The following conversation was held within the context of a 24 hour interview marathon that CultureCounts conducted in the Berlin central station. It was first published in Frankfurter Rundschau under the title „Werde, der du bist!“ (“Become what you are!!) Based on the subject matter of the book VALUES (Werte), which back then had just been nominated for the „Europe Book Prize“, the book touched a lot of motives and questions that connect my non-fiction books and my novels with each other.
Maybe myself. The only thing that ever interested me as long as I have lived is people. Most of all people that go to the borders of what is possible for a human being and beyond. People with a destiny that seems greater and more meaningful and, therefore, more fascinating than my own. But in spite of all differences in size and substance they have to do with me and my life, here and now.
In my novel The Philosopher’s Kiss (Die Philosophin) I described how Diderot and D’Alembert, the philosophers of the Enlightenment, published the first encyclopaedia in the 18th century. To start with, that does not sound exactly thrilling. But their book of books was an attempt to collect the entire knowledge of mankind. Back then, this was an outrageous provocation for the classical elites, Church and state. Up to then, they had been the only guardians of knowledge – and therefore of power as well. With their encyclopaedia the two rebels propagated no less then heaven on earth – for each and everyone. Therefore, it is a very modern story. It is about the search for happiness and about the aberrations on the way to reach it. Can we gain it at all? Are we entitled to live it?
Yes. That is why we need new concepts of orientation today. Gigantic amounts of knowledge are gathered. The online encyclopaedia Wikipedia is a splendid metaphor for the information society we live in. On the one hand, the user himself contributes constantly to the knowledge collection, but on the other he drowns in it. Faced with the vastness of information he does not know anymore where he stands. What is really important for our own life? To decide that we need some kind of ethical navigation system. That is why I wrote my book Values (Werte): We search for a balance between the numerous options to design ourselves and the preservation of a stable identity, which is possible only if based on values. Education is good, values are better. They give us direction and meaning.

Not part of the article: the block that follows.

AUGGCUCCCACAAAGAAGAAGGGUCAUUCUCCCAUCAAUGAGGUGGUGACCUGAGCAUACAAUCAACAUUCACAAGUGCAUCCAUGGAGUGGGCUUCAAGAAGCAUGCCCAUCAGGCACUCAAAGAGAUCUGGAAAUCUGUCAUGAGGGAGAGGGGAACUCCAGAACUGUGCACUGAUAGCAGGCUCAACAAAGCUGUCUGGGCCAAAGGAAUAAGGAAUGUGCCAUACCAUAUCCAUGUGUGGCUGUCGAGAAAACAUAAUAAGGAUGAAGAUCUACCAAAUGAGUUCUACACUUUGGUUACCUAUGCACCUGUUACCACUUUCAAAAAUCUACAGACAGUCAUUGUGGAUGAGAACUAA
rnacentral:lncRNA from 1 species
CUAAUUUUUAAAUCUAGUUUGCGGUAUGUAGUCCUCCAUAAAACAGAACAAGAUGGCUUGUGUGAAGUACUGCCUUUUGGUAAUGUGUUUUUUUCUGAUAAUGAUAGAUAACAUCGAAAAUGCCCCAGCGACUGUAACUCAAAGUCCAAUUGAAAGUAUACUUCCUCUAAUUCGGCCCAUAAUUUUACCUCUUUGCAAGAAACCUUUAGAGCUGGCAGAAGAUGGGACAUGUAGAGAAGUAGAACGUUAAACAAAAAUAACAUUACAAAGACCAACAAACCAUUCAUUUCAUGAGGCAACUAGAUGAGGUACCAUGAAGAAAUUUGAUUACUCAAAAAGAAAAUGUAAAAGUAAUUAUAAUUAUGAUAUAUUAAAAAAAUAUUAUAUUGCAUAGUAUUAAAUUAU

Not necessarily. It depends, if values are only proclaimed or lived as well. In corporations with a lively culture we see that amazing combinations of values are possible. Trust and a high amount of freedom within, and at the same time on the outside aggression when dealing with competitors. Similar to Plato’s description of the ideal soldier, comparing him with a guard dog – gentle with those he is supposed to protect, but aggressive on the outside, with the enemy.
That is not a modern phenomenon. It has to do with the fact that we, other than most animals, are rather unready when we are born. When an ant hatches out of its egg it has a programme installed, regulating its entire future life. It becomes part of a clearly structured community and moves within given tracks. We, however, are bare and naked when we come into the world, but we have an inexhaustible potential of options. Nietzsche’s so contradictory sounding phrase: “Become who you are”, is aimed at that dilemma. Self-realisation is what we call that process. But in what direction? Values help us to orientate ourselves.
In spite of 100 years of psychoanalysis: We are strangers to ourselves, and there is nothing wrong with that. It drives us on to develop. Not to remain within the comfort zone of the known and familiar but to be daring and try new, strange things. So that the strange can become the familiar once again. People who appear strange to us are able to move us on in a similar way. They question us through positive alienation. And in this way they provoke us to make the framework of the familiar wider and wider.
And end up in a cul-de-sac. The last orientation I can only find within myself. That is probably the greatest seduction of the fundamentalists, if they are Islamic, Christian or preachers of consume. They pretend to be able to offer ready-made life programmes to us unready creatures. But such programmes do not exist, neither for individuals nor for communities. The only thing we can really rely on is our own inner voice. But in order to recognize it we need the polyphony, the antiphonal singing with others.
There is nothing wrong with distraction. But when it becomes an exclusive programme it means we sacrifice our identity. To preserve and develop it, on the other hand, is bloody exhausting. That is why we often chicken out, as I know from my own experience. During the nineties I ended up in a management consultancy by chance, although I had studied humanities. Back then I earned a lot of money with a handful of speech bubbles. With this one for example: “Life is too short to waste it on making money.” But what a hypocritical Pharisee have I been! What I preached to others I did not apply to myself. Instead of fulfilling my dream and writing a novel I preferred writing invoices.
I realised: If I did not fulfil my dream I will look back on my life when I am seventy and would be deeply depressed about myself. Therefore, before losing all my self-respect, I sat down and wrote that novel, which had been burning in my soul for years. The Amber Amulet (Das Bernstein-Amulett), a German family saga from the breakdown after the war to the re-unification.